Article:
There’s more to the Indianapolis Colts than Peyton Manning and the other members of the triplets, Marvin Harrison and Edgerrin James.
Terrence Wilkins for one. A defense led by Chad Bratzke for another.
Manning passed for a franchise-record 440 yards and threw for four touchdowns as the Colts dominated the second half to beat Jacksonville 43-14.
Wilkins, playing his first game of the season, chipped in with nine catches for 148 yards and a touchdown. And the defense that blew a 21-point lead at home to Oakland two weeks ago showed up this time, sacking Mark Brunell five times including a safety, and picking off a pass that set up a score.
“It was good for us to show people that we have other weapons,” Manning said of Wilkins, who looked like the second receiver the Colts need to take pressure off Harrison.
“If they do double team Marvin, we can beat them with other guys.”
Manning Back on Track
The defense thrilled coach Jim Mora.
“They took a lot of criticism, a lot of it from me and from the media,” Mora said. “They shut them down in the second half, they got sacks, turnovers, played extremely well. You don’t beat teams like Jacksonville with just three players. You do it with complete offense, with defense and with good kicking game performance.”
But it was Manning’s show as the Colts went on a 22-0 run in the second half after leading by only a touchdown at halftime.
After throwing three interceptions in his first two games, he was perfect on Monday night, starting with a 76-yard TD pass to Harrison on the Colts’ third play from scrimmage. Manning also had a 27-yarder to Wilkins and a 16-yarder to Jerome Pathon as Indianapolis (2-1) took a 21-14 lead.
Manning added a 4-yarder in the final quarter for the first four-touchdown game in his two-plus NFL seasons. James completed the scoring with a 14-yard TD run.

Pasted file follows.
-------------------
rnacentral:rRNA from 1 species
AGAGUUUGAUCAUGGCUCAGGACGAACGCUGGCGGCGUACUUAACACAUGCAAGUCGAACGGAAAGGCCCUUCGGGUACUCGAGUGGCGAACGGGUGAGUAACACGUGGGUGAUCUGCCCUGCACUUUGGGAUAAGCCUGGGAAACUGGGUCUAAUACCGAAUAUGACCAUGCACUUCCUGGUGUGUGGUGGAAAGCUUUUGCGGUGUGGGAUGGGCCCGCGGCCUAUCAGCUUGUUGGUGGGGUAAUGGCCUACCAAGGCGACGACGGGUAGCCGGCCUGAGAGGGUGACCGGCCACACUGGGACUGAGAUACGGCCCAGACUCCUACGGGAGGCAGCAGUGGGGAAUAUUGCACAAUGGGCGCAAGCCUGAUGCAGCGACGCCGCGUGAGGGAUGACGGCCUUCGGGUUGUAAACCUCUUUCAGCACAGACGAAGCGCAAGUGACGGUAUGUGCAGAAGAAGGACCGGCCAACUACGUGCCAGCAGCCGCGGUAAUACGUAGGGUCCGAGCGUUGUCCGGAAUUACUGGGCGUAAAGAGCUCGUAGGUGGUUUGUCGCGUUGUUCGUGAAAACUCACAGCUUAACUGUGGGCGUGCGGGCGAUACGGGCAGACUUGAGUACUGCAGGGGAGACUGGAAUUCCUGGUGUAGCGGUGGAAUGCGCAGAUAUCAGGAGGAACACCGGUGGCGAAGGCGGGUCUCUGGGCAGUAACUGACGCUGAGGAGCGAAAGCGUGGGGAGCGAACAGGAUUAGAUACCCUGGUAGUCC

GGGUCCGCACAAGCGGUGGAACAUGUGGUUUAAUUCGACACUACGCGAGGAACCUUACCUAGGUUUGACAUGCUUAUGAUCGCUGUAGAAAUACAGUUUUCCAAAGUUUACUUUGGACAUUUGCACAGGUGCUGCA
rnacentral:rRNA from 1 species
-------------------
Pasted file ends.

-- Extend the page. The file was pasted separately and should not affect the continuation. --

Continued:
Manning, who completed 23 of 36 passes, broke his own team record of 404 yards set against San Diego last Sept. 26. Johnny Unitas’ top total was 401 for Baltimore.
Wilkins, who missed the first two games with a concussion, almost doubled his career high of five catches as a rookie last year.
“I just seemed to connect with Terrence during the offseason and in training camp,” Manning said. “It was good to have him back.”
The Indianapolis defense, which entered the game with one sack, had five this time, two each by Bratzke and Ellis Johnson. Bratzke sacked Mark Brunell for a third-quarter safety, the first safety by the Colts since 1997. Mike Peterson had an interception that set up one of the first-half TDs.
“It was just a debacle,” Jacksonville coach Tom Coughlin said. “That was about as big a nightmare as it gets.”
Brunell was 21-of-35 for 229 yards for Jacksonville (2-2) with touchdown passes of 9 and 26 yards to Jimmy Smith. But after getting 159 in the first half, Brunell had only 3 yards in the first 25 minutes of the second half, while the Colts were putting away the game — in the third quarter, the Colts outgained the Jaguars 143 to minus-2.
Fred Taylor, who played his first game of the season for Jacksonville after missing the first two with a knee injury, ran for 57 yards on 14 carries.
Huge Pass Got Things Started
The game started with an explosion, the 76-yard bomb from Manning to Harrison behind Aaron Beasley on the Colts’ third play from scrimmage.
Then it settled down until midway through the second quarter, when Brunell hit Smith with the 9-yarder that was first ruled out of bounds, then overturned on replay.
It turned out to be the first of four touchdowns, two by each team, in the final 7:36 before intermission.
But the second half was no contest as the Indianapolis defense asserted itself. Mike Vanderjagt’s 41-yard field goal and the safety made it 29-14 after three quarters and two quick TDs in the final quarter put it away.
“Peyton stayed in the pocket and made some good throws. They made some good catches,” Jacksonville cornerback Fernando Bryant said. “That’s the bottom line. You give them time, someone’s going to be open.”
This night, it was Wilkins.
That only makes it scarier for opposing defenses.